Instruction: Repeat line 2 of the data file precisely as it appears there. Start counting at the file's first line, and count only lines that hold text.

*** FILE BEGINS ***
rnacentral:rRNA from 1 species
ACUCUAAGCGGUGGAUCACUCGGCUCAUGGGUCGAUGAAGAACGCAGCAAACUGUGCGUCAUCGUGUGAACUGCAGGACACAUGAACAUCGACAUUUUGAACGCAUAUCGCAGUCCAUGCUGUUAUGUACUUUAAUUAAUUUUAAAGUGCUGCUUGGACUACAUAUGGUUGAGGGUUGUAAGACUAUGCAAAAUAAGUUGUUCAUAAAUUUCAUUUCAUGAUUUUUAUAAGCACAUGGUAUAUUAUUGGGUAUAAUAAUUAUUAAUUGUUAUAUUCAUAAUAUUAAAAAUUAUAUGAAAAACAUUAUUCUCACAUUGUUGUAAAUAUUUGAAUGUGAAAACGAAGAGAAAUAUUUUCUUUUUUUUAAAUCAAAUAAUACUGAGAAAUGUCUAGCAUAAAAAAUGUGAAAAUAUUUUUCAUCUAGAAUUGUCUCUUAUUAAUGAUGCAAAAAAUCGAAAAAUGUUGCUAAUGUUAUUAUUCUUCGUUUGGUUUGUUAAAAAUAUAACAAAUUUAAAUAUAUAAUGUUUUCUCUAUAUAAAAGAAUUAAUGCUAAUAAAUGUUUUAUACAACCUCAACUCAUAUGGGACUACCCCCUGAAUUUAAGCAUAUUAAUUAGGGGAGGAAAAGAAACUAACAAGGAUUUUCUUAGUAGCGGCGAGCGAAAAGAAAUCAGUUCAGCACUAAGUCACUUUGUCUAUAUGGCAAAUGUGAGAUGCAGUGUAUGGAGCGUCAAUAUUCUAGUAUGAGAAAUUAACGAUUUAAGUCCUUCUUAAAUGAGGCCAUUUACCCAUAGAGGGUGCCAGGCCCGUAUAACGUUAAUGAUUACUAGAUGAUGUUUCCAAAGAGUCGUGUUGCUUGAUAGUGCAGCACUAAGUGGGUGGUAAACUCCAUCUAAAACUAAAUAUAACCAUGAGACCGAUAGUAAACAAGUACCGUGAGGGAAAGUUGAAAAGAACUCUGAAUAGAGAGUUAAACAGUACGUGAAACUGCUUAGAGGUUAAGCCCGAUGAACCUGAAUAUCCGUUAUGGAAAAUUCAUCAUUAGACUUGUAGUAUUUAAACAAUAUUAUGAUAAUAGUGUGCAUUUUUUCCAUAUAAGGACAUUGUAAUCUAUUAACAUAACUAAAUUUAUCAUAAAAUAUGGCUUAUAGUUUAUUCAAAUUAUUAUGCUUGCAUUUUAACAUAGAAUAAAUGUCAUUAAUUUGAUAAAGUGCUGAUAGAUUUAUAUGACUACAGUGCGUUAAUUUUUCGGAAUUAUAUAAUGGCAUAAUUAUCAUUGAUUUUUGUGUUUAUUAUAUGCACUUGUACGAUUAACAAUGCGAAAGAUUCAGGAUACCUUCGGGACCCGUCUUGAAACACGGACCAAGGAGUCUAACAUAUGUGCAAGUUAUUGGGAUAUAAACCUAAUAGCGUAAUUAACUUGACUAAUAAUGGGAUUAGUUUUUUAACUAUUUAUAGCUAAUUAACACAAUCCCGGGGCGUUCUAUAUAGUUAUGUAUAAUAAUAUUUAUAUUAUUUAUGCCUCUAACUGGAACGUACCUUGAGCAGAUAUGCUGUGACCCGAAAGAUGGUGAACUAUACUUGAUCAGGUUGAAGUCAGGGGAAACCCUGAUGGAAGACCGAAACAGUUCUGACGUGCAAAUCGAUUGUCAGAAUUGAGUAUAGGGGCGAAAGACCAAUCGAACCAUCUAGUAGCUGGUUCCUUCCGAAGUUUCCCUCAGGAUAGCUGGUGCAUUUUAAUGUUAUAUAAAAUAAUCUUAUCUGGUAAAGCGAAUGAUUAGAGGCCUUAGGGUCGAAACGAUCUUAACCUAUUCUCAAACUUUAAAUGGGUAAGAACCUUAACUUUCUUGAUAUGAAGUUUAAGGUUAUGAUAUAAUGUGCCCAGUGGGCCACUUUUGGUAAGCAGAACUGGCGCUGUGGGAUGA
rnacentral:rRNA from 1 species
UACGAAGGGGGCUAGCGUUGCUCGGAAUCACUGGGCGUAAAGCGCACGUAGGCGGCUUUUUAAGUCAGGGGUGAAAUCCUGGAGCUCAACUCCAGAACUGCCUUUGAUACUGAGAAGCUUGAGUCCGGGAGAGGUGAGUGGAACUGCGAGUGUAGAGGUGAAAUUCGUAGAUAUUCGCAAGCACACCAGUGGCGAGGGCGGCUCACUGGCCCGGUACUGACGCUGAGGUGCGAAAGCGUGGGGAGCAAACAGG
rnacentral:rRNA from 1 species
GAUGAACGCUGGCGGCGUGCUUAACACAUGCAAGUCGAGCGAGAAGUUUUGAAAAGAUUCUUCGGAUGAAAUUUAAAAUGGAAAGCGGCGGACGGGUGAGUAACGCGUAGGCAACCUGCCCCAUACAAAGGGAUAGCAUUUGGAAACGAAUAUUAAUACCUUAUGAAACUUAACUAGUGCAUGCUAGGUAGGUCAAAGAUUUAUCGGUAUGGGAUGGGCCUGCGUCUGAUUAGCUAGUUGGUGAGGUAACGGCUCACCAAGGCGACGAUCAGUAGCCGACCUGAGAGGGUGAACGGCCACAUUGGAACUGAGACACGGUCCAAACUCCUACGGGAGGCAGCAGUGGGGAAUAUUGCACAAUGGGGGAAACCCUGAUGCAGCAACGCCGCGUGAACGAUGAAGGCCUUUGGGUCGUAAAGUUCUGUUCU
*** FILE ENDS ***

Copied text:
ACUCUAAGCGGUGGAUCACUCGGCUCAUGGGUCGAUGAAGAACGCAGCAAACUGUGCGUCAUCGUGUGAACUGCAGGACACAUGAACAUCGACAUUUUGAACGCAUAUCGCAGUCCAUGCUGUUAUGUACUUUAAUUAAUUUUAAAGUGCUGCUUGGACUACAUAUGGUUGAGGGUUGUAAGACUAUGCAAAAUAAGUUGUUCAUAAAUUUCAUUUCAUGAUUUUUAUAAGCACAUGGUAUAUUAUUGGGUAUAAUAAUUAUUAAUUGUUAUAUUCAUAAUAUUAAAAAUUAUAUGAAAAACAUUAUUCUCACAUUGUUGUAAAUAUUUGAAUGUGAAAACGAAGAGAAAUAUUUUCUUUUUUUUAAAUCAAAUAAUACUGAGAAAUGUCUAGCAUAAAAAAUGUGAAAAUAUUUUUCAUCUAGAAUUGUCUCUUAUUAAUGAUGCAAAAAAUCGAAAAAUGUUGCUAAUGUUAUUAUUCUUCGUUUGGUUUGUUAAAAAUAUAACAAAUUUAAAUAUAUAAUGUUUUCUCUAUAUAAAAGAAUUAAUGCUAAUAAAUGUUUUAUACAACCUCAACUCAUAUGGGACUACCCCCUGAAUUUAAGCAUAUUAAUUAGGGGAGGAAAAGAAACUAACAAGGAUUUUCUUAGUAGCGGCGAGCGAAAAGAAAUCAGUUCAGCACUAAGUCACUUUGUCUAUAUGGCAAAUGUGAGAUGCAGUGUAUGGAGCGUCAAUAUUCUAGUAUGAGAAAUUAACGAUUUAAGUCCUUCUUAAAUGAGGCCAUUUACCCAUAGAGGGUGCCAGGCCCGUAUAACGUUAAUGAUUACUAGAUGAUGUUUCCAAAGAGUCGUGUUGCUUGAUAGUGCAGCACUAAGUGGGUGGUAAACUCCAUCUAAAACUAAAUAUAACCAUGAGACCGAUAGUAAACAAGUACCGUGAGGGAAAGUUGAAAAGAACUCUGAAUAGAGAGUUAAACAGUACGUGAAACUGCUUAGAGGUUAAGCCCGAUGAACCUGAAUAUCCGUUAUGGAAAAUUCAUCAUUAGACUUGUAGUAUUUAAACAAUAUUAUGAUAAUAGUGUGCAUUUUUUCCAUAUAAGGACAUUGUAAUCUAUUAACAUAACUAAAUUUAUCAUAAAAUAUGGCUUAUAGUUUAUUCAAAUUAUUAUGCUUGCAUUUUAACAUAGAAUAAAUGUCAUUAAUUUGAUAAAGUGCUGAUAGAUUUAUAUGACUACAGUGCGUUAAUUUUUCGGAAUUAUAUAAUGGCAUAAUUAUCAUUGAUUUUUGUGUUUAUUAUAUGCACUUGUACGAUUAACAAUGCGAAAGAUUCAGGAUACCUUCGGGACCCGUCUUGAAACACGGACCAAGGAGUCUAACAUAUGUGCAAGUUAUUGGGAUAUAAACCUAAUAGCGUAAUUAACUUGACUAAUAAUGGGAUUAGUUUUUUAACUAUUUAUAGCUAAUUAACACAAUCCCGGGGCGUUCUAUAUAGUUAUGUAUAAUAAUAUUUAUAUUAUUUAUGCCUCUAACUGGAACGUACCUUGAGCAGAUAUGCUGUGACCCGAAAGAUGGUGAACUAUACUUGAUCAGGUUGAAGUCAGGGGAAACCCUGAUGGAAGACCGAAACAGUUCUGACGUGCAAAUCGAUUGUCAGAAUUGAGUAUAGGGGCGAAAGACCAAUCGAACCAUCUAGUAGCUGGUUCCUUCCGAAGUUUCCCUCAGGAUAGCUGGUGCAUUUUAAUGUUAUAUAAAAUAAUCUUAUCUGGUAAAGCGAAUGAUUAGAGGCCUUAGGGUCGAAACGAUCUUAACCUAUUCUCAAACUUUAAAUGGGUAAGAACCUUAACUUUCUUGAUAUGAAGUUUAAGGUUAUGAUAUAAUGUGCCCAGUGGGCCACUUUUGGUAAGCAGAACUGGCGCUGUGGGAUGA